Apparently Pearson VUE will not go live until April 28.  Register here to receive an email informing you when Pearson VUE is stood up to receive registrations.

Pearson VUE will contact all applicants who completed their registrations on ACT with instructions on how to create a new registration profile.  With this new account, you then log in to select your test date and site.

So, plain and simple:

  • you can register on ACT until March 14;
  • after March 14, neither ACT nor Pearson VUE will accept registrations.  Consider it a dead period;
  • in late April, Pearson VUE will go live and accept new registrations; and,
  • if you had registered on ACT, Pearson VUE will contact you to re-register on their system and pick your test date and site.

As always, good luck.







Foreign Service Exam: The Most Important Language

Folks, I hear from a fair number of people and see questions on the various forums about the Foreign Service Exam. One of the top questions is how do your abilities in foreign languages help you get into the Foreign Service. Unfortunately, except for a slight bump on the registers at the end of the selection process, they don’t help you on the Foreign Service Exam.

What is the critical language to master for the FSOT?  English. Hands down.

I’ve talked about this in previous posts —  How to Improve Your Writing 30 Days and Suggestions on Writing Your Personal Narrative — but the Foreign Service relishes and promotes on your ability to write. There are agencies in town wedded to PowerPoint and other trickster ways to avoid ideas in a narrative. The State Department still lives or dies by the written word.

We’re all familiar with George Kennan’s “The Long Telegram,” a 5,500-word treatise on why we should not deal with Stalin and the Soviet government . I’m not sure that anyone at State would read such a long cable today, but he followed it up with a shorter article in Foreign Affairs, published as the work of “X.” Both of these served to shape what we came to know as our containment policy towards the Soviet Union.

I’m not pushing you to write lengthy cables that probably won’t be read.  I’m simply arguing that writing has not/not gone out of fashion in Foggy Bottom.  The flourishes of Kennan’s writing likely wouldn’t be appreciated today either. Short, crisp, and factual writing is of critical once in your in the Foreign Service, and it’s equally important to pass the Foreign Service Exam.

Don’t underestimate English’s importance on the test. The Examiners want to hear about you, your experiences and perhaps more importantly how you learned through trial and error and occasionally falling on your face. Humility goes a long way in your FSOT writing, especially in the Personal Narrative section.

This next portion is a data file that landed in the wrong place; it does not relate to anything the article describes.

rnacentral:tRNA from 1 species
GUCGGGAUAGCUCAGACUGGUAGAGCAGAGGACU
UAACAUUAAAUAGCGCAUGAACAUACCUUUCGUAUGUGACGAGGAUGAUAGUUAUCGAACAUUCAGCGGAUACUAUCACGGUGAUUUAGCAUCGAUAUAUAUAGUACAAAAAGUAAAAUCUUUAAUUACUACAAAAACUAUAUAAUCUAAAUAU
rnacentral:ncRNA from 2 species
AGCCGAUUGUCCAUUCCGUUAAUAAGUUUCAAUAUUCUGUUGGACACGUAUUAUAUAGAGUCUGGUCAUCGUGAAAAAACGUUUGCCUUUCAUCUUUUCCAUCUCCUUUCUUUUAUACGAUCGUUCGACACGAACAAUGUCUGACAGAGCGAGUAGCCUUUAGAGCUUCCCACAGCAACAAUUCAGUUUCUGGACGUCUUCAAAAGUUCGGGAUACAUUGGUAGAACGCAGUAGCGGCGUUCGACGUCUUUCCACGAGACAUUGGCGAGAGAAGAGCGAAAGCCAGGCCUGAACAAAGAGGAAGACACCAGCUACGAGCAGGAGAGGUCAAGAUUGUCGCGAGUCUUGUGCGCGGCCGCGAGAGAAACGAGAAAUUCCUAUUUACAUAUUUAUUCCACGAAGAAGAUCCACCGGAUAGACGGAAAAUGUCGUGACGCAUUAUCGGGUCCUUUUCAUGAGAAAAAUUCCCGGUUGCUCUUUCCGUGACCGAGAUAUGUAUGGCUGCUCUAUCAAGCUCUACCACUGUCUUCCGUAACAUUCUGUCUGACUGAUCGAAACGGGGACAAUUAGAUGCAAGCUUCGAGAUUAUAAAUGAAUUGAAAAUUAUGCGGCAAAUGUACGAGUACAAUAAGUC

So while your skills in a foreign language — hard languages, in particular — will go a long way in your careers. You need to master English to pass the test.

As I recommended in my previous posts, there are a number of good books out there to help with your writing.  Below is one of the best.  It’s honest, straightforward and a quick read. Take another look, if you haven’t already.

Bon courage,


Foreign Service Exam: Don’t Try to Game the System, Just Take the Test

The Foreign Service Exam is a difficult test to pass.  Don’t make it any harder.  It’s difficult, even a waste of time, to try to game this test.

During the past couple of weeks, I’ve seen arguments put forward on forums that the State Department wants to build up the ranks of the Consular Corps or the Political Cone or the PD Career Track.  So, as the advice goes, it’s a good time to make Consular, Political, Public Diplomacy your choice of career track.

 The problem is the system doesn’t work that way.

Yes, the Department does make an attempt to estimate Foreign Service personnel needs, but it’s a snapshot at that moment.  I’m not convinced that because State HR believes there will be a shortage in Pol officers, for instance, they will increase the hiring numbers of political officers in one year’s time; that is, when you pass the written and oral tests.  Remember too that all career tracks are in a constant state of change — attrition at all levels, out-of-cone assignments (e.g., DCM jobs, Cons to Pol, staff assistants and so forth).  If the Department needs more political officers, are they really going to increase hiring for the Political career track in when you reach the register. I think not.  What they will do is take more poloffs who have already passed the exam and are on the registers right now.